(CNN) -- In amended charges presented Friday, U.S. military authorities accused Army Staff Sgt. Robert Bales of illicit steroid and alcohol use in addition to 16 counts of premeditated murder for allegedly gunning down villagers in Afghanistan earlier this year.
Bales' lawyer, John Henry Browne, responded to the changes by saying he is "so relieved" that military prosecutors "came out publicly with the steroid use."
"Steroid use is going to be an issue in this case, especially where Sgt. Bales got steroids and how he got steroids," Browne told CNN.
The U.S. military said that, in March, Bales left his outpost in Afghanistan in the middle of the night and single-handedly attacked two villages. The incident further riled relations between Washington and Kabul, intensifying the debate about whether to pull American troops ahead of their planned 2014 withdrawal.
Bales was taken into military custody soon thereafter, and subsequently charged with 17 counts of murder and six counts of assault and attempted murder. He is being held in a military prison in Fort Leavenworth, Kansas.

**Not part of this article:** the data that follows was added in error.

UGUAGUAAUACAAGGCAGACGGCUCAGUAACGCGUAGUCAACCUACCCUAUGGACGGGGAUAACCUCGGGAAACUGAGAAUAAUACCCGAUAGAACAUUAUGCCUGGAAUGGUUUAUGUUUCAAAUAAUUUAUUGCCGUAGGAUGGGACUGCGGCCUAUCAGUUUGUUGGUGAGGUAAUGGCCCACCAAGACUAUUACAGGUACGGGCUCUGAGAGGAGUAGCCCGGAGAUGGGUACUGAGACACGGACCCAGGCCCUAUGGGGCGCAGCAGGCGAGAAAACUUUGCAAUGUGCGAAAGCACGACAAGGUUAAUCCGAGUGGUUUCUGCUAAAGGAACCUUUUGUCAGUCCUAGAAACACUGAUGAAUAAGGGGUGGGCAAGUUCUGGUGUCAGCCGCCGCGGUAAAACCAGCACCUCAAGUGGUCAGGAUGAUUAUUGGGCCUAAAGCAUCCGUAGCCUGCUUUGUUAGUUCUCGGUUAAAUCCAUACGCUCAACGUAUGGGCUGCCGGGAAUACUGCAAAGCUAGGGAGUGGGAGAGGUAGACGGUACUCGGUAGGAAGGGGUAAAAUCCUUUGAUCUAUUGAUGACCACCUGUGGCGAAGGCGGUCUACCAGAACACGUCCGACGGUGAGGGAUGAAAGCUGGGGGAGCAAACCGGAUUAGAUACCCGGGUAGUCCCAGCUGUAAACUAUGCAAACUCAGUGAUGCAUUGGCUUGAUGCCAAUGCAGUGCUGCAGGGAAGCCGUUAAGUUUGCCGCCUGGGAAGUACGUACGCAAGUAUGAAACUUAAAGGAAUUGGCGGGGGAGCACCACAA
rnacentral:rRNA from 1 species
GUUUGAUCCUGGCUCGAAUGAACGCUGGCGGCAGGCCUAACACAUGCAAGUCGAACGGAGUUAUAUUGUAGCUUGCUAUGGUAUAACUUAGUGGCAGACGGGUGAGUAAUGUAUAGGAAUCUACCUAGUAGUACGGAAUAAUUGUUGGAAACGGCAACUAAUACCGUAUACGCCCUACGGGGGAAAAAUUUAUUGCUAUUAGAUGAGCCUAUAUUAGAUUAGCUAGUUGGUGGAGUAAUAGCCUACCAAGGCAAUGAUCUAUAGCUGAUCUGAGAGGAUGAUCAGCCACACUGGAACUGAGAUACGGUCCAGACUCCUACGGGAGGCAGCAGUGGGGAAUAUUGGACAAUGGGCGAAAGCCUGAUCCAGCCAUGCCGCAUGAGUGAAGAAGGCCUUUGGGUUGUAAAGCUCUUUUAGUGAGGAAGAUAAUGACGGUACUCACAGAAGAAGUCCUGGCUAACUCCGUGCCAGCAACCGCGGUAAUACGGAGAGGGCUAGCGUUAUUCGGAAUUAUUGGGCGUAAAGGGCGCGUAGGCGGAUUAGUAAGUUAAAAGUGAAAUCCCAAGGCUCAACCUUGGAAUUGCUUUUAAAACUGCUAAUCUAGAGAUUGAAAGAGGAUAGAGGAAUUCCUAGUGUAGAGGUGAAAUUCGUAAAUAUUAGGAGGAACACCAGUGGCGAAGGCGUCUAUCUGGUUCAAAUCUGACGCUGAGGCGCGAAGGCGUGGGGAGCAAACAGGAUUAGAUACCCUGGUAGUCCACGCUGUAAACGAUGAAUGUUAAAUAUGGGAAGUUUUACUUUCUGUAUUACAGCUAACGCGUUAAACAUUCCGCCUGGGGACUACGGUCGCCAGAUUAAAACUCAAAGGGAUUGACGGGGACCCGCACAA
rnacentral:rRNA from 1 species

The new slate of charges detailed Friday by the U.S. Army -- which are defined as violations of the Uniform Military Code of Justice -- include 16 counts of premeditated murder, one of several changes that the military said were done "to conform to developments in the ongoing investigation."
Bales still faces six counts of attempted murder, as well as seven counts of assault -- one more than previously.
In addition, the Army sergeant is charged with two counts "of wrongfully possessing and using a Schedule III controlled substance" -- which the military, in its release from Joint Base Lewis-McChord in Washington state where Bales is based, defines as steroids.
He is also charged with a single count of "wrongfully consuming alcohol while deployed."
Browne, Bales' lawyer, called that charge "just a red herring. You don't got out and commit the type of crimes (murders) he is accused of because you took two sips of alcohol off of someone else's Gatorade bottle."
CNN's Paul Vercammen contributed to this report.